During his mayoral campaign, Scott vowed to "reduce homicides by 15 percent each year in my term, getting us to below 300 homicides in my first year as mayor"[40] by studying the flow of guns into Baltimore and implementing violence reduction strategies.[20] He also rallied on reforming police spending after leading the charge to cut $22.4 million from the city's $550 million police budget, half of which was for "unallocated" funds.[41] Despite this, Scott's first budget, introduced in April 2021, included a $28 million increase in the city's police budget. This proposed increase was met with criticism by Baltimore residents.[42][43] Scott pushed back against this criticism by asking people to "look at the full picture behind violent crime rather than the "simple conflict" that leads to the loss of life."[44] His budget was approved without amendments on June 8, 2021.[45] In April 2022, Scott again proposed a $5 million increase in the city's police budget,[46] which was met with further criticism.[47][48]

In January 2022, Scott implemented the Group Violence Reduction Strategy in the City's Western Police District. This program targets outreach to individuals who are identified as being likely victims or perpetrators of gun violence within the city and stresses community based policing strategies. The four central tenets of the program are the reviewing of gun violence incidents, direct outreach, life coaching, and strategic policing. In December of 2022, Scott announced that the district had seen a 33.8% decrease in gun violence. It was also announced that this program would be expanded to other districts in 2023 and 2024.[49]

In February 2022, Scott was named one of 10 new co-chairs of Mayors Against Illegal Guns.[50]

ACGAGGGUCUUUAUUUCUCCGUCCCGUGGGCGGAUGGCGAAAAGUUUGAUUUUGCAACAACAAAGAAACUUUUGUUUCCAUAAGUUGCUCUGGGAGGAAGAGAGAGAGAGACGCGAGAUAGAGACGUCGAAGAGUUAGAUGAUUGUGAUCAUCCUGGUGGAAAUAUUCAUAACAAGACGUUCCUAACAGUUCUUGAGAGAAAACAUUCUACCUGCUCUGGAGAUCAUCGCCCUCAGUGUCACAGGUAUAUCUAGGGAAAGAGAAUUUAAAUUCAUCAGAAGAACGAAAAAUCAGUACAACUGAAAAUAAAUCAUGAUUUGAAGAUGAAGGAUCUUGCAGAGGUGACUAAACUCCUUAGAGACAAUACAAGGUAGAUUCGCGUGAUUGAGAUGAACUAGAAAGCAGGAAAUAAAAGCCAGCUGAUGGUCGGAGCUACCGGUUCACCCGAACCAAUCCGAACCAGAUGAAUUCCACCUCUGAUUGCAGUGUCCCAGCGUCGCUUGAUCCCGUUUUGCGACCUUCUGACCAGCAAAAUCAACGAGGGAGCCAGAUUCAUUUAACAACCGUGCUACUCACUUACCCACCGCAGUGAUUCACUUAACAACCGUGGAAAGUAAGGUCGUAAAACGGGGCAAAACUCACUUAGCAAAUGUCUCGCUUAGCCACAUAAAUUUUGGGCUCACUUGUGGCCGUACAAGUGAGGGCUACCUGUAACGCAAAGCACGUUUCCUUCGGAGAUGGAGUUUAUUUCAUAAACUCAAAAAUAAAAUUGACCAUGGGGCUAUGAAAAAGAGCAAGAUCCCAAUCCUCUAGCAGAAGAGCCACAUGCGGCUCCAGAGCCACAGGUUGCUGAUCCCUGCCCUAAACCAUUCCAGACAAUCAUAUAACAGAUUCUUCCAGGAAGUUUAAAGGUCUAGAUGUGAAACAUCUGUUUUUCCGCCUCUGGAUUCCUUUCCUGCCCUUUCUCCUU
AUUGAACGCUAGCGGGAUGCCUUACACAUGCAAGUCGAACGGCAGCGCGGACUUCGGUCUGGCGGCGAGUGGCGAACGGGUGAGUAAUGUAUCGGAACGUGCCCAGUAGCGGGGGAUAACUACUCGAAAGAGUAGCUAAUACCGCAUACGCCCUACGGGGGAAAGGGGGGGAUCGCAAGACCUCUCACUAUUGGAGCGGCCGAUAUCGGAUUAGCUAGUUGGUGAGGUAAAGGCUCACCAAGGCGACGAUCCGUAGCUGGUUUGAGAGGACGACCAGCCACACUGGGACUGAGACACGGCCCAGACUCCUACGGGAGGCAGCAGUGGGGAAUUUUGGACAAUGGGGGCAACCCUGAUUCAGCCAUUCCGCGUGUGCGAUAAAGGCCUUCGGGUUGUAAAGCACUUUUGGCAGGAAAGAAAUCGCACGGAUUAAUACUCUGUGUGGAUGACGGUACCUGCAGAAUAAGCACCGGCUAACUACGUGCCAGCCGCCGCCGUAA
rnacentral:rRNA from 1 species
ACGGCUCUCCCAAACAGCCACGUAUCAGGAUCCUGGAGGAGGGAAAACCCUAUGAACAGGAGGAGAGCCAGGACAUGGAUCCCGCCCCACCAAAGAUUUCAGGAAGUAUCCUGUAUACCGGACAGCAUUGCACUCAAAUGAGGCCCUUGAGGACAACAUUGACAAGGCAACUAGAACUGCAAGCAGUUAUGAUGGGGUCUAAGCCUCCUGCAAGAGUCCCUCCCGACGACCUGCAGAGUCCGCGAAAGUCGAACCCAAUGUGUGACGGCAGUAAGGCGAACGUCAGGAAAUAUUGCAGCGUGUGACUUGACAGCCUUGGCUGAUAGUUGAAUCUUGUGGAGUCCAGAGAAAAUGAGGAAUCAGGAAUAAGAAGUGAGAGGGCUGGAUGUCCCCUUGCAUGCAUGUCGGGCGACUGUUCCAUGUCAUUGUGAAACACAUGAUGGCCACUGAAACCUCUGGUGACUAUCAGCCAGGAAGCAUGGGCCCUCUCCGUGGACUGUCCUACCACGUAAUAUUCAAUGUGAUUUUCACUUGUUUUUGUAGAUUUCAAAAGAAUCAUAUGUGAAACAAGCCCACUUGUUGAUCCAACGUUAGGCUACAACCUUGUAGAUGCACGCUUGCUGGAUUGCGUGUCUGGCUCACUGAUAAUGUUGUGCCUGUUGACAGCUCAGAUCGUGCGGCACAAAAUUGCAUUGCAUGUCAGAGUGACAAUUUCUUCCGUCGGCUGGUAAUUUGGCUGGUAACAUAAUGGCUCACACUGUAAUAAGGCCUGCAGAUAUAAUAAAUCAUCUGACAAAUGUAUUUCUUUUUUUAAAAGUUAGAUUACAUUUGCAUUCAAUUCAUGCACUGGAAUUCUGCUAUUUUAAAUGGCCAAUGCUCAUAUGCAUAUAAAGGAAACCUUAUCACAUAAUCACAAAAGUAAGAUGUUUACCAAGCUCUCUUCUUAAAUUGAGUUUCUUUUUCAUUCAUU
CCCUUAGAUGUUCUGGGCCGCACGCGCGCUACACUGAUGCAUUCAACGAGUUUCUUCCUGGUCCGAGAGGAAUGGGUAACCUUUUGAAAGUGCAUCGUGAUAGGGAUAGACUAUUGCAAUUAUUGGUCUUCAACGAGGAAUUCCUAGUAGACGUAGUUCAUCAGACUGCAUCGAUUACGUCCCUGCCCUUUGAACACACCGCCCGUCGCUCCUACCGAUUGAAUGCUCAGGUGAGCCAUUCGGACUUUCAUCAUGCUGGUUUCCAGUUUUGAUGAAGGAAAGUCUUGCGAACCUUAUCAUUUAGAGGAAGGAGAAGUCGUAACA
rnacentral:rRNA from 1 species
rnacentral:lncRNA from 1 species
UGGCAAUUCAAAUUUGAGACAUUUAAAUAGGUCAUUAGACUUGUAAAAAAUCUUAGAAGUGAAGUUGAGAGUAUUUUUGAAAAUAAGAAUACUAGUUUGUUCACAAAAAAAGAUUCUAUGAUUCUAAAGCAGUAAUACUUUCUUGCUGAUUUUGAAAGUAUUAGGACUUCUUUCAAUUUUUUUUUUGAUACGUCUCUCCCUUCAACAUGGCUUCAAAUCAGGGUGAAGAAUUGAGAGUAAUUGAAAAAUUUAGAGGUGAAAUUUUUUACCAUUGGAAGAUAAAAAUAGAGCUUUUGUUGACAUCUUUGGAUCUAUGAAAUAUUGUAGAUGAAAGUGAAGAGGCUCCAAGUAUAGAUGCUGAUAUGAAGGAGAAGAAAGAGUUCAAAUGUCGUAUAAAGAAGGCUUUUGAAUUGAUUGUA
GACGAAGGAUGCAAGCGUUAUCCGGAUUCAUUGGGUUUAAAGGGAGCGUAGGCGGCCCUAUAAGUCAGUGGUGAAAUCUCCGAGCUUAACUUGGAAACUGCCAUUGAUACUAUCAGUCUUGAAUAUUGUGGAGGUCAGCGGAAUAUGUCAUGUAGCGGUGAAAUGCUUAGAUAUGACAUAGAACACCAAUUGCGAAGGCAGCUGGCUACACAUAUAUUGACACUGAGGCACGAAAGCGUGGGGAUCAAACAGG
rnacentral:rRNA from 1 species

In May 2022, Scott and the Baltimore Police Department launched the Strategic Management and Alternative Response Tactics (SMART) initiative. The goal of this program is to free up city resources by redirecting non-emergencies and mental health crisis to other services, while limiting false alarm calls. The program then in turn hopes to allow officers more time to engage positively with communities and build trust.[51] [52]

In June 2022, Scott filed a lawsuit against Polymer80, alleging the company flooded the city with ghost guns that have contributed to bloodshed in the city's streets.[53]In the same month, Scott also signed a bill to implement a Police Accountability Board as mandated by the States' General Assembly. The bill allows up to two former police officers to serve on the 17-person board that will recommend action against officers with alleged misconduct.[54]


In May 2021, Scott removed owner-occupied homes that faced tax sale liens from the city's annual tax sale, an online auction that the city uses to collect overdue bills.[55] In September 2021, he announced that Baltimore would purchase the liens of 454 owner-occupied homes to keep them out of the city's tax sale process.[56] In April 2022, Scott removed all owner-occupied homes from the city's tax sale and postponed the auction until June.[57][58]

In May 2021, Scott delivered his first veto of his mayorship on a bill that would give renters more options when paying security deposits.[59]

In June 2021, Scott launched a fund to cover up to $2,000 in security deposits for low-income tenants, funded with $3.3 million in supplemental funds from a fiscal year 2020 pandemic-related Community Services Block Grant.[60]